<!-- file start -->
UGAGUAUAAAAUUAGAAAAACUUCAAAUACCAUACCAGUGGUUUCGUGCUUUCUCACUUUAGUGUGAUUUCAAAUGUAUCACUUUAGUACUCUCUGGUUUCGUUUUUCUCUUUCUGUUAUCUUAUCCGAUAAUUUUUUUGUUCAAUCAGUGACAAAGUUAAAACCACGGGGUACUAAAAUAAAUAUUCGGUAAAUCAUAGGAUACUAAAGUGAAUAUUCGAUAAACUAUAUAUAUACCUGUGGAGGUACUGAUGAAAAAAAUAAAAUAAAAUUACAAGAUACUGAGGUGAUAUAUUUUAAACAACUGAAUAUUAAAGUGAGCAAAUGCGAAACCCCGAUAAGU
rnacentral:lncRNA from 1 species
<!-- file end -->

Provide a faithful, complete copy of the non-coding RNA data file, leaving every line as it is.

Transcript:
UGAGUAUAAAAUUAGAAAAACUUCAAAUACCAUACCAGUGGUUUCGUGCUUUCUCACUUUAGUGUGAUUUCAAAUGUAUCACUUUAGUACUCUCUGGUUUCGUUUUUCUCUUUCUGUUAUCUUAUCCGAUAAUUUUUUUGUUCAAUCAGUGACAAAGUUAAAACCACGGGGUACUAAAAUAAAUAUUCGGUAAAUCAUAGGAUACUAAAGUGAAUAUUCGAUAAACUAUAUAUAUACCUGUGGAGGUACUGAUGAAAAAAAUAAAAUAAAAUUACAAGAUACUGAGGUGAUAUAUUUUAAACAACUGAAUAUUAAAGUGAGCAAAUGCGAAACCCCGAUAAGU
rnacentral:lncRNA from 1 species